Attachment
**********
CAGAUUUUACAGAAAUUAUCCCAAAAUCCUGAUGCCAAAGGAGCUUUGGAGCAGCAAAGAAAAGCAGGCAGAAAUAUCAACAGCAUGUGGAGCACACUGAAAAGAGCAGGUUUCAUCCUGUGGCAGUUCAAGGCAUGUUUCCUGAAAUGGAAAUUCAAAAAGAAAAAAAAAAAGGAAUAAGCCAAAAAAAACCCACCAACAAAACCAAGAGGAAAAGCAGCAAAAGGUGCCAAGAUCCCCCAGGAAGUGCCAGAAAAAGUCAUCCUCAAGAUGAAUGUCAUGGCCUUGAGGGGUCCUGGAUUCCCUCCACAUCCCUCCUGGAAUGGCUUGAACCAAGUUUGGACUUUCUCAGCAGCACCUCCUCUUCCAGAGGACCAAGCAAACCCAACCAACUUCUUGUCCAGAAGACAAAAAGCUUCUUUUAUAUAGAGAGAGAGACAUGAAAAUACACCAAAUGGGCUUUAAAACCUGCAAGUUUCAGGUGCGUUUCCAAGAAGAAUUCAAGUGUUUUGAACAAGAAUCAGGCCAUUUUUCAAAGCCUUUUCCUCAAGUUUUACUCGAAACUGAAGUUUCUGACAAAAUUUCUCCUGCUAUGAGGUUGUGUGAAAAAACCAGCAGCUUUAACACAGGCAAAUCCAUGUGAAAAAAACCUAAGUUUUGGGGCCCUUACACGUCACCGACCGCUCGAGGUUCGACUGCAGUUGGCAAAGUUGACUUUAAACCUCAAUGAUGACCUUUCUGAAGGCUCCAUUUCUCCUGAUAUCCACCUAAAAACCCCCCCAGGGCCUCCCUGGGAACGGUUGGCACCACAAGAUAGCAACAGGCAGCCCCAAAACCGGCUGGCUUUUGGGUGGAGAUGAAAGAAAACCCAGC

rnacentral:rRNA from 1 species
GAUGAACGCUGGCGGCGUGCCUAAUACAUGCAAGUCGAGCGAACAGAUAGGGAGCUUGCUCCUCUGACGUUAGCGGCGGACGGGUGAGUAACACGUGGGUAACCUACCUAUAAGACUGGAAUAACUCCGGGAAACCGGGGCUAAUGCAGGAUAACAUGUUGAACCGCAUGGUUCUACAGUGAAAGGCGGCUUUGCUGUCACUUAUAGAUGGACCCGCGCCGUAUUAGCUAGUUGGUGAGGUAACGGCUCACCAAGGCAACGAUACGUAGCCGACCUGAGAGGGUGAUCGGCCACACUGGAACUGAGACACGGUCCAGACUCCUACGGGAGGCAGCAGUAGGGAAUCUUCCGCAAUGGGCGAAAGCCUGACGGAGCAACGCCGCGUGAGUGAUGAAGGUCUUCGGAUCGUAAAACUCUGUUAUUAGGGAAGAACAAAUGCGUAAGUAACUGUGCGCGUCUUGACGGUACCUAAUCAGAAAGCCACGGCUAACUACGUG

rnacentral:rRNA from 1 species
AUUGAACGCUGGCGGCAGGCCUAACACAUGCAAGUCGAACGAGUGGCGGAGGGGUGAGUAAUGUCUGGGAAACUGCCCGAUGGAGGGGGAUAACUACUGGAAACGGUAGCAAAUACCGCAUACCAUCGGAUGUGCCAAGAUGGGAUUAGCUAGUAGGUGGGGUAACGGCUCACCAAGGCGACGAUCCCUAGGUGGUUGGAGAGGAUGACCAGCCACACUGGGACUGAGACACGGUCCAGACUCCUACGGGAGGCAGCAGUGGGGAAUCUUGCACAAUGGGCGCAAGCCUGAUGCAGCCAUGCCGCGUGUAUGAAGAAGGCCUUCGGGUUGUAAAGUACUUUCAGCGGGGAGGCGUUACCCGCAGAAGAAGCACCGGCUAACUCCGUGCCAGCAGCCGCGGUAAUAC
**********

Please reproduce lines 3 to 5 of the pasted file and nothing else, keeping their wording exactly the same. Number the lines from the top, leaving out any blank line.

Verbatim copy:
GAUGAACGCUGGCGGCGUGCCUAAUACAUGCAAGUCGAGCGAACAGAUAGGGAGCUUGCUCCUCUGACGUUAGCGGCGGACGGGUGAGUAACACGUGGGUAACCUACCUAUAAGACUGGAAUAACUCCGGGAAACCGGGGCUAAUGCAGGAUAACAUGUUGAACCGCAUGGUUCUACAGUGAAAGGCGGCUUUGCUGUCACUUAUAGAUGGACCCGCGCCGUAUUAGCUAGUUGGUGAGGUAACGGCUCACCAAGGCAACGAUACGUAGCCGACCUGAGAGGGUGAUCGGCCACACUGGAACUGAGACACGGUCCAGACUCCUACGGGAGGCAGCAGUAGGGAAUCUUCCGCAAUGGGCGAAAGCCUGACGGAGCAACGCCGCGUGAGUGAUGAAGGUCUUCGGAUCGUAAAACUCUGUUAUUAGGGAAGAACAAAUGCGUAAGUAACUGUGCGCGUCUUGACGGUACCUAAUCAGAAAGCCACGGCUAACUACGUG

rnacentral:rRNA from 1 species
AUUGAACGCUGGCGGCAGGCCUAACACAUGCAAGUCGAACGAGUGGCGGAGGGGUGAGUAAUGUCUGGGAAACUGCCCGAUGGAGGGGGAUAACUACUGGAAACGGUAGCAAAUACCGCAUACCAUCGGAUGUGCCAAGAUGGGAUUAGCUAGUAGGUGGGGUAACGGCUCACCAAGGCGACGAUCCCUAGGUGGUUGGAGAGGAUGACCAGCCACACUGGGACUGAGACACGGUCCAGACUCCUACGGGAGGCAGCAGUGGGGAAUCUUGCACAAUGGGCGCAAGCCUGAUGCAGCCAUGCCGCGUGUAUGAAGAAGGCCUUCGGGUUGUAAAGUACUUUCAGCGGGGAGGCGUUACCCGCAGAAGAAGCACCGGCUAACUCCGUGCCAGCAGCCGCGGUAAUAC